Buying a house is a complex journey that looks different for everyone, depending on their priorities, budget, and a whole host of other factors. It can involve a kaleidoscope of emotions, ranging from excitement and suspense to disappointment, joy, and everything in between.
It’s crucial to ask the right questions early on in the process to make sure you don’t waste any time in finding your perfect home.
When you come across what appears to be your dream house, it’s easy to get swept up at the moment and overlook something important (and end up cursing yourself for it later!)
To help you avoid this common pitfall, we’ve compiled a list of the most essential questions to ask when buying a new house.
1. What’s the area like?
Naturally, the first thing most people do when thinking about buying a house is suss out the local area.
You need to know if it suits your needs and priorities in relation to things like schools, childcare facilities, public transport, cycle lanes, etc., so find out as much information as you can from the estate agent.
Use this opportunity to get a vivid picture of what it’s like to live there. Is it mostly families, young professionals, or older people who live there? Is it a quiet neighbourhood? Is there ever any trouble in the area?
Finding out these details will help you make an informed decision before making an offer.
2. When was the house built?
Knowing how old the house is can give you valuable insights into its build quality and any structural issues or damage that may have occurred.
Ask how old the boiler is and check the condition of the windows, doors, and roof. This will give you a good indication of how much work you’ll need to do on the house.
When it comes to previously owned homes, we always recommend you get a structural survey completed.
3. How much interest has there been?
Ask the estate agent if there have been many enquiries, viewings and/or offers so far, since knowing what you’re up against will help you to plan and budget accordingly.
If it’s your dream home and it ticks all the other boxes, you may have to rethink how much you’re prepared to offer.
4. Why are the current owners selling the house?
Before you get too invested in the house, ask the agent why the current owners are selling. This can alert you to any potential red flags, from rising dampness to noisy neighbours.
5. When are the sellers moving out?
Finding out when they are planning to move will make it much easier for you to plan ahead, and it can also give you an idea of whether the sale will be quick and easy or long and drawn out.
If they’re looking for a quick sale, they might accept a lower offer — especially if you already have your mortgage approval in principle.
6. How long has it been on the market?
This is a really important question to ask. The presence of a house on the market for several months might indicate a problem with the area, the neighbours, or the house itself.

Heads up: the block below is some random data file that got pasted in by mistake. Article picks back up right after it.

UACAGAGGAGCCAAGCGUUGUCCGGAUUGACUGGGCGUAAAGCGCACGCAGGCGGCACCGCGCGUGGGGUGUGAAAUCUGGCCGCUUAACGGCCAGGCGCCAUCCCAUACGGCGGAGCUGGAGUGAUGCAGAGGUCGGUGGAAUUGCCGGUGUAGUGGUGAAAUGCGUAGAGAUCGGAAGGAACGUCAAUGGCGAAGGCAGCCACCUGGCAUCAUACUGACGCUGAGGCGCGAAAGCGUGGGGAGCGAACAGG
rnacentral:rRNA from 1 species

If there are no apparent issues but the house has been on the market for more than six months, you could be in a good position to negotiate the offer price.
7. What’s included in the sale?
Some sellers will leave the house completely empty, and others will leave whatever items you’ve both agreed on. If you’re really lucky, the house will come kitted out with furniture, appliances, curtains, blinds, fixtures and fittings.
Having these essentials already in place can help a new house feel homely from the get-go, and can make the moving process a lot easier.
8. How much are utilities?
Finding out how old the heating system is can give you an idea of how much it’ll cost to heat the house.
If possible, you should also find out how much utilities like gas, electricity and broadband usually cost. The agent should be able to get this information from the current owners.
9. What BER rating does it have?
All houses on the market must have a BER certificate that tells you how energy efficient it is.
If the house you’re looking at has a low BER rating (between E1 and G), then that means you’ll have to spend more on heating it. You may also have to invest in double- or triple-glazed windows, better insulation, etc. in order to increase the energy rating.
A house with a higher rating will be more efficient at retaining heat, resulting in lower energy bills and a warmer house.
10. Was planning permission granted for any extensions to be built?
If the current owners built an extension onto the house, make sure you confirm that the correct planning permission was granted for it.
If it wasn’t, then you may be ordered by the authorities to tear it down.
Your impartial broker for buying a house
Buying a house is an exciting, life-changing experience, but before you even think about making an offer, make sure you’ve asked these all-important questions.
You should also ensure that you have a trusted, impartial and reliable source for mortgage advice to help guide you through the process.
At Symmetry Financial Management, our team of mortgage advisors works with first-time buyers, switchers, home-movers, and investors to help you get the best rate on your mortgage, always.
Schedule a no-obligation appointment with one of our team today and begin your home-owning journey today.